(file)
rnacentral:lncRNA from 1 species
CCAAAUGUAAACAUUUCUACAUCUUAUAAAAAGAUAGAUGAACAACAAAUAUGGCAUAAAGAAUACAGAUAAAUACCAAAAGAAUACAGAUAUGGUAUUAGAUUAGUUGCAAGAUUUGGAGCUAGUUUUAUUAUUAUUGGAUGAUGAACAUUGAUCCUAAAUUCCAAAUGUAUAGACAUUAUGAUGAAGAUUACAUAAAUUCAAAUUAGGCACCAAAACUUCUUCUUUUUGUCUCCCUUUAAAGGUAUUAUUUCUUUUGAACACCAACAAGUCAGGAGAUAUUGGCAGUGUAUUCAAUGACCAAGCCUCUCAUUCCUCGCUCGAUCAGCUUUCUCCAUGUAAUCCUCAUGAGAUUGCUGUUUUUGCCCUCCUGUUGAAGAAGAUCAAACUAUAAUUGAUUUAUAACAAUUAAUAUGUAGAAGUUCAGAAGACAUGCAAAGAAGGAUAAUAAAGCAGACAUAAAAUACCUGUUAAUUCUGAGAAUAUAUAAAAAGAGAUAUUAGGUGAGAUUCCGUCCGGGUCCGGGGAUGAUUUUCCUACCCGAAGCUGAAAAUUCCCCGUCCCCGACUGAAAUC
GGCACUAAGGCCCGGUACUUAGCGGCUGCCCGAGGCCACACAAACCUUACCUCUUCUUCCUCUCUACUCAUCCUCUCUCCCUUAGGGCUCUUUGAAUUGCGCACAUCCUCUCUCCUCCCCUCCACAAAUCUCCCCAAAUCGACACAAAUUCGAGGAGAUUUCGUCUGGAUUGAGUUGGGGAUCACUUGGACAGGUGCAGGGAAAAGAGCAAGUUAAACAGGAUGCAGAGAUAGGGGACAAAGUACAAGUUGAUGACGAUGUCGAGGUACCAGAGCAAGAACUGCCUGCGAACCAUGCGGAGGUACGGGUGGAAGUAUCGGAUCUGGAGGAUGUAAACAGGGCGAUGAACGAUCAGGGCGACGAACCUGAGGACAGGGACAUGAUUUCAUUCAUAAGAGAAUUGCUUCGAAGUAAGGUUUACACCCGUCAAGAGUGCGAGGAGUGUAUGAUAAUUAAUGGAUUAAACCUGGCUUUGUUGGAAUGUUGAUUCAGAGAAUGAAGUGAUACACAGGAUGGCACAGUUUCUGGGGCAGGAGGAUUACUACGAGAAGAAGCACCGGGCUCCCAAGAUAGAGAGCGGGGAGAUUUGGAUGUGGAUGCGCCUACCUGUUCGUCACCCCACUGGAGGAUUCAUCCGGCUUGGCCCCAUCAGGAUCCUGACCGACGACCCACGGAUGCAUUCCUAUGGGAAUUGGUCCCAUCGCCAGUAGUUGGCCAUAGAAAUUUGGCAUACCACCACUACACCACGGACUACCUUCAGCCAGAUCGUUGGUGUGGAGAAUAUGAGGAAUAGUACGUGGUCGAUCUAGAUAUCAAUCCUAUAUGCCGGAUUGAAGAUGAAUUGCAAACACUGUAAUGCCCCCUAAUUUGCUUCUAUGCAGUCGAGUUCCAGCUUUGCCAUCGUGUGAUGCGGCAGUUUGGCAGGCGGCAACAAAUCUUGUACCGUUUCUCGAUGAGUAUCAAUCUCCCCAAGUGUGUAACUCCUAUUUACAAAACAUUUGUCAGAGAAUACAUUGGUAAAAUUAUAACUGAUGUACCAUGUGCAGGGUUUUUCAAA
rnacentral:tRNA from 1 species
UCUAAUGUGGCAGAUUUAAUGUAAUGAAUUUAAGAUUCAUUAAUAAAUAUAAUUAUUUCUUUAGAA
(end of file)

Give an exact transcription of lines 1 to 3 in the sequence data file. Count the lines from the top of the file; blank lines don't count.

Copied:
rnacentral:lncRNA from 1 species
CCAAAUGUAAACAUUUCUACAUCUUAUAAAAAGAUAGAUGAACAACAAAUAUGGCAUAAAGAAUACAGAUAAAUACCAAAAGAAUACAGAUAUGGUAUUAGAUUAGUUGCAAGAUUUGGAGCUAGUUUUAUUAUUAUUGGAUGAUGAACAUUGAUCCUAAAUUCCAAAUGUAUAGACAUUAUGAUGAAGAUUACAUAAAUUCAAAUUAGGCACCAAAACUUCUUCUUUUUGUCUCCCUUUAAAGGUAUUAUUUCUUUUGAACACCAACAAGUCAGGAGAUAUUGGCAGUGUAUUCAAUGACCAAGCCUCUCAUUCCUCGCUCGAUCAGCUUUCUCCAUGUAAUCCUCAUGAGAUUGCUGUUUUUGCCCUCCUGUUGAAGAAGAUCAAACUAUAAUUGAUUUAUAACAAUUAAUAUGUAGAAGUUCAGAAGACAUGCAAAGAAGGAUAAUAAAGCAGACAUAAAAUACCUGUUAAUUCUGAGAAUAUAUAAAAAGAGAUAUUAGGUGAGAUUCCGUCCGGGUCCGGGGAUGAUUUUCCUACCCGAAGCUGAAAAUUCCCCGUCCCCGACUGAAAUC
GGCACUAAGGCCCGGUACUUAGCGGCUGCCCGAGGCCACACAAACCUUACCUCUUCUUCCUCUCUACUCAUCCUCUCUCCCUUAGGGCUCUUUGAAUUGCGCACAUCCUCUCUCCUCCCCUCCACAAAUCUCCCCAAAUCGACACAAAUUCGAGGAGAUUUCGUCUGGAUUGAGUUGGGGAUCACUUGGACAGGUGCAGGGAAAAGAGCAAGUUAAACAGGAUGCAGAGAUAGGGGACAAAGUACAAGUUGAUGACGAUGUCGAGGUACCAGAGCAAGAACUGCCUGCGAACCAUGCGGAGGUACGGGUGGAAGUAUCGGAUCUGGAGGAUGUAAACAGGGCGAUGAACGAUCAGGGCGACGAACCUGAGGACAGGGACAUGAUUUCAUUCAUAAGAGAAUUGCUUCGAAGUAAGGUUUACACCCGUCAAGAGUGCGAGGAGUGUAUGAUAAUUAAUGGAUUAAACCUGGCUUUGUUGGAAUGUUGAUUCAGAGAAUGAAGUGAUACACAGGAUGGCACAGUUUCUGGGGCAGGAGGAUUACUACGAGAAGAAGCACCGGGCUCCCAAGAUAGAGAGCGGGGAGAUUUGGAUGUGGAUGCGCCUACCUGUUCGUCACCCCACUGGAGGAUUCAUCCGGCUUGGCCCCAUCAGGAUCCUGACCGACGACCCACGGAUGCAUUCCUAUGGGAAUUGGUCCCAUCGCCAGUAGUUGGCCAUAGAAAUUUGGCAUACCACCACUACACCACGGACUACCUUCAGCCAGAUCGUUGGUGUGGAGAAUAUGAGGAAUAGUACGUGGUCGAUCUAGAUAUCAAUCCUAUAUGCCGGAUUGAAGAUGAAUUGCAAACACUGUAAUGCCCCCUAAUUUGCUUCUAUGCAGUCGAGUUCCAGCUUUGCCAUCGUGUGAUGCGGCAGUUUGGCAGGCGGCAACAAAUCUUGUACCGUUUCUCGAUGAGUAUCAAUCUCCCCAAGUGUGUAACUCCUAUUUACAAAACAUUUGUCAGAGAAUACAUUGGUAAAAUUAUAACUGAUGUACCAUGUGCAGGGUUUUUCAAA